Filing or facing formal complaints at the Board

If someone were to file a complaint with FVREB about your professional conduct, your first reaction might be to get stressed out. But before saying or doing anything, take a deep breath and try not to go into panic mode. As a member of FVREB, your Board is there to help you through the complaint process.  You will have every opportunity to review any complaint made against you and respond to it.

Keep in mind that the Board and the Real Estate Council of BC have entirely different roles regarding complaints. Council deals with Realtors’ contravention of BC’s Real Estate Services Act. Whereas real estate boards are empowered to deal with members’ breaches of their Board By-Laws and Rules of Cooperation, and the REALTOR® Code of Ethics Standards of Business Practice.

Anytime a Realtor is the subject of a formal complaint, the Board’s Professional Standards department notifies the member and their managing broker to ask for a response to the complaint. Likewise, if you’re the person making the complaint, you’ll be expected to provide a detailed written account that provides a basis for your complaint. Note: If your complaint is against a member of another Board, you will need to submit your complaint to that Board.

Be honest and straightforward to the Board and your managing broker. If you know you made errors in your practice, it’s better to learn from it and do better in future. If you are the complainant, it’s important for you to avoid making the complaint personal. Complaints should be based on someone’s professional conduct – not their personal qualities.

Until recently, complaints about FVREB members were destined to land on Dennis Wilson’s desk, the Board’s Manager of Professional Standards. With the recent addition of Paul Cowhig as the Board’s new Professional Standards Advisor, those complaints will be fielded by Paul, with Dennis in a supervisory role.  Professional Standards gets about a dozen enquiries per day asking questions, or requesting to submit a complaint. Perhaps it’s not surprising that about half of the complaints the Board receives are made by members about other members.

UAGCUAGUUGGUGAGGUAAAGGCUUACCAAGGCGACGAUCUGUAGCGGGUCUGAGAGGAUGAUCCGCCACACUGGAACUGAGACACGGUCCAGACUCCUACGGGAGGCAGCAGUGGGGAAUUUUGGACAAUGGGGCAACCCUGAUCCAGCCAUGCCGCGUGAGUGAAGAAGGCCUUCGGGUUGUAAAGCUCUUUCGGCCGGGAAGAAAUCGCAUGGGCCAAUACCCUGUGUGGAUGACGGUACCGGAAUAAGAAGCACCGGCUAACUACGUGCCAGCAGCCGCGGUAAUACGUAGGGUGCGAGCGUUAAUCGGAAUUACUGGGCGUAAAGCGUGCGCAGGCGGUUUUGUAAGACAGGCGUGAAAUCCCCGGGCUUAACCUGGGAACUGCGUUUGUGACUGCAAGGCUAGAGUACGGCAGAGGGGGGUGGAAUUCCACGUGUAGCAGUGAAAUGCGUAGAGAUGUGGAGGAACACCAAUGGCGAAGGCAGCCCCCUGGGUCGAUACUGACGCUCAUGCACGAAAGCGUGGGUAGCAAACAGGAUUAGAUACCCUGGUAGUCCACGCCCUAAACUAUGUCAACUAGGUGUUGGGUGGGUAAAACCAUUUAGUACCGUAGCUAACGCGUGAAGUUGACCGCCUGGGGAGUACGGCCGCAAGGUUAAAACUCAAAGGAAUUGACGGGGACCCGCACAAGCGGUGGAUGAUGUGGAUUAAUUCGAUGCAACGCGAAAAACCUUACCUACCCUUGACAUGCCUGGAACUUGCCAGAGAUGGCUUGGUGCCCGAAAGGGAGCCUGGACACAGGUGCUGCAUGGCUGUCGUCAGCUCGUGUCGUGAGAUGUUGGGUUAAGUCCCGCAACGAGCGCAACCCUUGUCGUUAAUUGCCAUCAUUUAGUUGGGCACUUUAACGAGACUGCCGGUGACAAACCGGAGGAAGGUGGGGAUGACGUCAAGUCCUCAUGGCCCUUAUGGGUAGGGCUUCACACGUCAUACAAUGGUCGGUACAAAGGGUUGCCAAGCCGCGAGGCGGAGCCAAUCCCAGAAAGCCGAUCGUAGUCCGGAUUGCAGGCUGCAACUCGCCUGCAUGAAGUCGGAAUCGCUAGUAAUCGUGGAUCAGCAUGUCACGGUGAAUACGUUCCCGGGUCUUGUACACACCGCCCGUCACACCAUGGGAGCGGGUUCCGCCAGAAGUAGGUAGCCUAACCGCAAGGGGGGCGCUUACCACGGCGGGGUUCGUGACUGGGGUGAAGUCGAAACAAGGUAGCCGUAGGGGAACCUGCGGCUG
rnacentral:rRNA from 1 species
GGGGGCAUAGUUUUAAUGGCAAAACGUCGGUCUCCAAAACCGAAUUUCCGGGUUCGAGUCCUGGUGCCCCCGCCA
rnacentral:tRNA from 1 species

Dennis makes the point that complaint cases are not a matter of the client versus Realtor or even Realtor versus Realtor. It is more accurately a matter between a member and the Board because it is the Board’s rules that the member is accused of abusing.

With their considerable expertise, Dennis and Paul are able to sort out the complaints that are valid for the Board to look at, from those that belong with another arbitrator, such as the Council or the courts. Dennis says many issues arise due to poor communication or a misinterpretation of the Standards of Business Practice.

Professional Standards considers both sides of a complaint to determine if the matter can be resolved informally, through education and discussion. Of course that’s only if the complaint is not complicated and serious enough to warrant further investigation, at which point the matter may be passed to the Board’s Business Practices committee.

The volunteer members who serve on the Business Practices committee are divided into two groups; one is the investigative side and the other conducts the hearings. This division ensures there is no prejudicial information coming into the hearings.

Neither the Board staff nor the Business Practices committee take a position on cases or pick sides in disputes. They merely review the evidence and make a judgment based on professional standards established by the Board.

If there is insufficient evidence to confirm the member has breached the rules, the committee may close the file. However, if the complaint involves a breach of the Real Estate Services Act, the committee might refer the complaint to the Real Estate Council of BC to investigate.

If there is a hearing to decide the matter, the complainant and the person who received the complaint must both attend the hearing where sworn witness testimony is entered. Many complainants prefer to avoid the hassle of a hearing as long as they feel their issue has been aired and suitably dealt with. And the members subject to the complaint may also wish to avoid a hearing and instead submit to what is called a ‘consent to discipline,’ whereby they take responsibility for their actions.

In 2016 alone, the Board dealt with 18 business practices cases which resulted in three hearings, six consents to discipline, eight cases closed with no evidence of breach of by-laws, one case withdrawn, one flagged for further investigation, and one file closed and referred to Council.

For more details about the kind of topics addressed by the complaint procedure, or how to submit a complaint to the Board or the Council, go REALTOR Link® and visit Professionalism/Business Practices: Complaints Procedure.